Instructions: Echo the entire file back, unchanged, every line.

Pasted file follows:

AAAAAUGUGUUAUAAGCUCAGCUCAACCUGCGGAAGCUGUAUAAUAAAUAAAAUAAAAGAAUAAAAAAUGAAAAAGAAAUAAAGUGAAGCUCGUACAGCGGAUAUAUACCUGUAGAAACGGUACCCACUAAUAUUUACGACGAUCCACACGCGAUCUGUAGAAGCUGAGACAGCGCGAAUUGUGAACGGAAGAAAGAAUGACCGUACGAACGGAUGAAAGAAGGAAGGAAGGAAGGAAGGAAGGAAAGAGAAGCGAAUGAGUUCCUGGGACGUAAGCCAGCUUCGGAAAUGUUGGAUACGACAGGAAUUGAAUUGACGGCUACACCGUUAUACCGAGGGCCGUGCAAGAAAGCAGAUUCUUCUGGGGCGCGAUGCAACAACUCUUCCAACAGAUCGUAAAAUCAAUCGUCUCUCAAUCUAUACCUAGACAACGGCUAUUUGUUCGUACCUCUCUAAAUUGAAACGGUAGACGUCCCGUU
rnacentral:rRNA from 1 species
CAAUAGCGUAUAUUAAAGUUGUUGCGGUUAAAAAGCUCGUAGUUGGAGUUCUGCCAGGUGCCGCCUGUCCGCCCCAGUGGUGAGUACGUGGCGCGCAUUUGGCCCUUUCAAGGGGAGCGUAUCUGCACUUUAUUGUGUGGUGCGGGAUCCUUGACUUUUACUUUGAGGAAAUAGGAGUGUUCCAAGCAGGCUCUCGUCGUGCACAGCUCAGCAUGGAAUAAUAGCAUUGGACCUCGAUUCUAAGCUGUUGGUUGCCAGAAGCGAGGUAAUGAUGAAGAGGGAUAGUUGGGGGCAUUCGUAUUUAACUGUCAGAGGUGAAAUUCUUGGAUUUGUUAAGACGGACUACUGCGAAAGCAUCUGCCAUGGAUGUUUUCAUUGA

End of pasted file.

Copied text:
AAAAAUGUGUUAUAAGCUCAGCUCAACCUGCGGAAGCUGUAUAAUAAAUAAAAUAAAAGAAUAAAAAAUGAAAAAGAAAUAAAGUGAAGCUCGUACAGCGGAUAUAUACCUGUAGAAACGGUACCCACUAAUAUUUACGACGAUCCACACGCGAUCUGUAGAAGCUGAGACAGCGCGAAUUGUGAACGGAAGAAAGAAUGACCGUACGAACGGAUGAAAGAAGGAAGGAAGGAAGGAAGGAAGGAAAGAGAAGCGAAUGAGUUCCUGGGACGUAAGCCAGCUUCGGAAAUGUUGGAUACGACAGGAAUUGAAUUGACGGCUACACCGUUAUACCGAGGGCCGUGCAAGAAAGCAGAUUCUUCUGGGGCGCGAUGCAACAACUCUUCCAACAGAUCGUAAAAUCAAUCGUCUCUCAAUCUAUACCUAGACAACGGCUAUUUGUUCGUACCUCUCUAAAUUGAAACGGUAGACGUCCCGUU
rnacentral:rRNA from 1 species
CAAUAGCGUAUAUUAAAGUUGUUGCGGUUAAAAAGCUCGUAGUUGGAGUUCUGCCAGGUGCCGCCUGUCCGCCCCAGUGGUGAGUACGUGGCGCGCAUUUGGCCCUUUCAAGGGGAGCGUAUCUGCACUUUAUUGUGUGGUGCGGGAUCCUUGACUUUUACUUUGAGGAAAUAGGAGUGUUCCAAGCAGGCUCUCGUCGUGCACAGCUCAGCAUGGAAUAAUAGCAUUGGACCUCGAUUCUAAGCUGUUGGUUGCCAGAAGCGAGGUAAUGAUGAAGAGGGAUAGUUGGGGGCAUUCGUAUUUAACUGUCAGAGGUGAAAUUCUUGGAUUUGUUAAGACGGACUACUGCGAAAGCAUCUGCCAUGGAUGUUUUCAUUGA